“If you could see that I’m the one who understands you, been here all along, so why can’t you see? You belong with me.”
These lyrics are from a Taylor Swift single that tells the story of a teenage girl who is in love with her friend who cannot see past his girlfriend and realize all that she has to offer. She sees that he is not able to be himself around his girlfriend, because the girlfriend does not understand who he really is.
This story is not unlike how God views us. God could be the nerdy Taylor Swift character trying to get our attention to let us know that there is someone beyond the superficial things in life who loves us and wants the best for us.
Most of us will never have our lives depicted in a Taylor Swift song, but we will have experiences of vocational discernment throughout our lives. “What do I want to be when I grow up?” “What college should I attend?” “What should be my career path?”
“Most of us will never have our lives depicted in a Taylor Swift song, but we will have experiences of vocational discernment throughout our lives.”
It has been my experience with youth and young adults when this topic has been discussed that they rapidly fire off what course of study they plan to pursue in college and are excited to engage in conversation about it. I applaud them for their selection of such noble professions and their due diligence, but my challenge to them is the same for all of us: that we seldom ask the question, “God, what is it you want from me?”
WHAT WE BELIEVE
When we talk about vocation, we introduce a vertical dimension in our life, which is God. It is no longer simply “what I prefer.” A vocation is not something that you can switch like a profession or a career. The Modern Catholic Dictionary defines vocation as “a call from God to a distinctive state of life, in which the person can reach holiness.”
This call to holiness is an ongoing conversion experience rooted in our baptism. It keeps our eyes open to new awareness of God’s loving presence. It keeps inviting us to turn toward God by aligning our will with God’s will. It is a movement that draws us toward a deeper union with God. We come to understand that there is a reason for our existence and there is meaning in our lives.
Jesus does not call us as nameless people in a faceless crowd. He calls individually, by name. God intends each one of us to play a unique role in carrying out the divine plan. There is no shortage of vocations in the Catholic Church. What we’re seeing is a shortage of vocational discernment. Not enough people ask themselves what God wants them to do with their lives.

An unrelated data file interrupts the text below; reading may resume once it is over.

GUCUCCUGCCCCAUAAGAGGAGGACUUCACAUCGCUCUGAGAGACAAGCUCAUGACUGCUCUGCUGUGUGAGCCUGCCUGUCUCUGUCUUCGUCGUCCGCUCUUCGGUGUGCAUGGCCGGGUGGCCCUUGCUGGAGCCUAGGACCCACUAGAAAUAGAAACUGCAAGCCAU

Discernment — not recruitment — should be central to vocation efforts today. Vocation is not earned or a problem to be solved. It is a gift freely given by God and not contingent upon anything that we do or say.
The diocese works diligently to help bridge any gaps in vocational discernment with young people. This is done through several direct ministry events such as retreats, in which seminarians participate in various roles. Staples of these ministry events include vocation discernment and witness talks, Mass, eucharistic adoration, the Sacrament of Reconciliation and prayer teams.
So, what are young people telling us about their experiences of discernment? The recent National Dialogue final report, the fruit of engagement with more than 10,000 young people, ministry leaders and families in over 450 recorded dialogue experiences, found that young adults already possess a strong sense of vocation and mission. They want to change the world and hope that others can accompany them in that calling. The Church needs to find ways to accompany the people of God at all stages of life in deeply personal ways. Our greatest challenge — and our most profound joy — will be to link this passion with a response to God’s call. When we receive God’s love, then freely give what has been so freely given to us, “We belong with him.”